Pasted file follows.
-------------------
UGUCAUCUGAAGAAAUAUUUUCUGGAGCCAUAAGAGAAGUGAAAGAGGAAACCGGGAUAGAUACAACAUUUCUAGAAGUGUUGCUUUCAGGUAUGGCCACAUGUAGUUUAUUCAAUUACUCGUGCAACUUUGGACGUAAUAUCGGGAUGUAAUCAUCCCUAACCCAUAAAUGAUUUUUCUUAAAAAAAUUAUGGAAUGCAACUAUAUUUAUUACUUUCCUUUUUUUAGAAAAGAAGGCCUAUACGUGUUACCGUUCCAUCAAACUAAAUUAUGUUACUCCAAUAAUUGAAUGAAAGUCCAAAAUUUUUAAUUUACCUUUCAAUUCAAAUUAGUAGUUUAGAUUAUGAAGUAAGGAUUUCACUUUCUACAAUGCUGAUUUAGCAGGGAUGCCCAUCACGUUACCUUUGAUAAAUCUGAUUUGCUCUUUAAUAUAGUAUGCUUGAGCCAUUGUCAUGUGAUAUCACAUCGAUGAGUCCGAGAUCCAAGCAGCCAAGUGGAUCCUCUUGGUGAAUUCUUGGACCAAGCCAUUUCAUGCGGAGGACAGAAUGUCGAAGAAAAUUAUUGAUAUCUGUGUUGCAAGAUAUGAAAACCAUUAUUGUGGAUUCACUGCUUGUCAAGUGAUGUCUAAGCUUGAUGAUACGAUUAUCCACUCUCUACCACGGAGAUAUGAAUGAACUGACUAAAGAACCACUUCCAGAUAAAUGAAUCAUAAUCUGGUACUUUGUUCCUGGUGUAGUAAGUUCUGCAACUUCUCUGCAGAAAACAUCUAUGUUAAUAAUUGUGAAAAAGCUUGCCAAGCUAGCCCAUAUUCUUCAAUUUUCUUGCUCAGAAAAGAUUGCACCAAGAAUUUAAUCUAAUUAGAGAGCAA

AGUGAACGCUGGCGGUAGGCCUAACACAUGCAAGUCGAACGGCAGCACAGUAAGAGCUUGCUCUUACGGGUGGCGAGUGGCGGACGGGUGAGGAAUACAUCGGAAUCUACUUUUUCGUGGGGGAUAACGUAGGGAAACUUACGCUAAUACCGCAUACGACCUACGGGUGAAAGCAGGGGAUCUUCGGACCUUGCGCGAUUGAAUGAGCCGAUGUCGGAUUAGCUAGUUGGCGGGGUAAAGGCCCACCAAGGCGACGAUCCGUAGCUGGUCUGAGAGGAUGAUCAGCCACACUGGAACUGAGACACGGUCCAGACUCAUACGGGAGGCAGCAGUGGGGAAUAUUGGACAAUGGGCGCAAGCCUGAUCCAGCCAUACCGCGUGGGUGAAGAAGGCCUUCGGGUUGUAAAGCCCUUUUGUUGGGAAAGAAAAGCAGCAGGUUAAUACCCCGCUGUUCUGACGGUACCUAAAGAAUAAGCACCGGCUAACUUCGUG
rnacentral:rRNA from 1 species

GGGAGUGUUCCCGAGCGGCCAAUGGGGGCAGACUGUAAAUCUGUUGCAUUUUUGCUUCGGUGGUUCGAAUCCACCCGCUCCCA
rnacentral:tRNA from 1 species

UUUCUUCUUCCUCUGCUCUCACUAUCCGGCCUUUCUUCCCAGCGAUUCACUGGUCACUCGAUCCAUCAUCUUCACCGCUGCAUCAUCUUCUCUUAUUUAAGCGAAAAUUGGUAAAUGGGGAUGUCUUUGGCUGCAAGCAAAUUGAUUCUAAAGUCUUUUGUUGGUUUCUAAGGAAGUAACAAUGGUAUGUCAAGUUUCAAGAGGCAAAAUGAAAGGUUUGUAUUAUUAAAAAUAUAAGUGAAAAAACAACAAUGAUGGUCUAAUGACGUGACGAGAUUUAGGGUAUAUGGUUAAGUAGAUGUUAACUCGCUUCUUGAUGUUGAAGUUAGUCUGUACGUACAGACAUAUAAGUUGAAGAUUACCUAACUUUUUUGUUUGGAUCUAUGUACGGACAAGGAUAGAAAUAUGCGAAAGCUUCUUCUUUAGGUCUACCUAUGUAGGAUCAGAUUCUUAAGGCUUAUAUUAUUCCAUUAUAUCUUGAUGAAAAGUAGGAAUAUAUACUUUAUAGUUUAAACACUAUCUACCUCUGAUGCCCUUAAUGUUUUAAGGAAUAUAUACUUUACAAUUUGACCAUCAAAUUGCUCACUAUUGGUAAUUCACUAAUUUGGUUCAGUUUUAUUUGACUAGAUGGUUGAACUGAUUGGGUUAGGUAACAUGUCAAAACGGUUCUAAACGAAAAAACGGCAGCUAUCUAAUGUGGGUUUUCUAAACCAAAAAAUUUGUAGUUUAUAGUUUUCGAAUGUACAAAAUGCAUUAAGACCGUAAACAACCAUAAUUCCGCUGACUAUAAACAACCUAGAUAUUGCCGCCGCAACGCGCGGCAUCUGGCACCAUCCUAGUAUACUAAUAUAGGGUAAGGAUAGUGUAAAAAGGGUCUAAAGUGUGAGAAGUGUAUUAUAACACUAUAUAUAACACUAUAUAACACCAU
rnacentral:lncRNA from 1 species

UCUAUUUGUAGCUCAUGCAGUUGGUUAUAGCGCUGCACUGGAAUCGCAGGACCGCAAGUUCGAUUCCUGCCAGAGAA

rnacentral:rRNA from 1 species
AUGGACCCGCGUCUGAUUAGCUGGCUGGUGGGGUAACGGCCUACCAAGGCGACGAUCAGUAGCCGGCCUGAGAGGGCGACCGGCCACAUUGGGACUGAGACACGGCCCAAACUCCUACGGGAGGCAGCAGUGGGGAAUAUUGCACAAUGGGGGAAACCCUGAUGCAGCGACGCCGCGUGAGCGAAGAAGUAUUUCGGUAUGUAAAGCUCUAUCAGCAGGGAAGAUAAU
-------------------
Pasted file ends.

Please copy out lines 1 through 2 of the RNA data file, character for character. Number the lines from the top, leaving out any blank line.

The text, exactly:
UGUCAUCUGAAGAAAUAUUUUCUGGAGCCAUAAGAGAAGUGAAAGAGGAAACCGGGAUAGAUACAACAUUUCUAGAAGUGUUGCUUUCAGGUAUGGCCACAUGUAGUUUAUUCAAUUACUCGUGCAACUUUGGACGUAAUAUCGGGAUGUAAUCAUCCCUAACCCAUAAAUGAUUUUUCUUAAAAAAAUUAUGGAAUGCAACUAUAUUUAUUACUUUCCUUUUUUUAGAAAAGAAGGCCUAUACGUGUUACCGUUCCAUCAAACUAAAUUAUGUUACUCCAAUAAUUGAAUGAAAGUCCAAAAUUUUUAAUUUACCUUUCAAUUCAAAUUAGUAGUUUAGAUUAUGAAGUAAGGAUUUCACUUUCUACAAUGCUGAUUUAGCAGGGAUGCCCAUCACGUUACCUUUGAUAAAUCUGAUUUGCUCUUUAAUAUAGUAUGCUUGAGCCAUUGUCAUGUGAUAUCACAUCGAUGAGUCCGAGAUCCAAGCAGCCAAGUGGAUCCUCUUGGUGAAUUCUUGGACCAAGCCAUUUCAUGCGGAGGACAGAAUGUCGAAGAAAAUUAUUGAUAUCUGUGUUGCAAGAUAUGAAAACCAUUAUUGUGGAUUCACUGCUUGUCAAGUGAUGUCUAAGCUUGAUGAUACGAUUAUCCACUCUCUACCACGGAGAUAUGAAUGAACUGACUAAAGAACCACUUCCAGAUAAAUGAAUCAUAAUCUGGUACUUUGUUCCUGGUGUAGUAAGUUCUGCAACUUCUCUGCAGAAAACAUCUAUGUUAAUAAUUGUGAAAAAGCUUGCCAAGCUAGCCCAUAUUCUUCAAUUUUCUUGCUCAGAAAAGAUUGCACCAAGAAUUUAAUCUAAUUAGAGAGCAA

AGUGAACGCUGGCGGUAGGCCUAACACAUGCAAGUCGAACGGCAGCACAGUAAGAGCUUGCUCUUACGGGUGGCGAGUGGCGGACGGGUGAGGAAUACAUCGGAAUCUACUUUUUCGUGGGGGAUAACGUAGGGAAACUUACGCUAAUACCGCAUACGACCUACGGGUGAAAGCAGGGGAUCUUCGGACCUUGCGCGAUUGAAUGAGCCGAUGUCGGAUUAGCUAGUUGGCGGGGUAAAGGCCCACCAAGGCGACGAUCCGUAGCUGGUCUGAGAGGAUGAUCAGCCACACUGGAACUGAGACACGGUCCAGACUCAUACGGGAGGCAGCAGUGGGGAAUAUUGGACAAUGGGCGCAAGCCUGAUCCAGCCAUACCGCGUGGGUGAAGAAGGCCUUCGGGUUGUAAAGCCCUUUUGUUGGGAAAGAAAAGCAGCAGGUUAAUACCCCGCUGUUCUGACGGUACCUAAAGAAUAAGCACCGGCUAACUUCGUG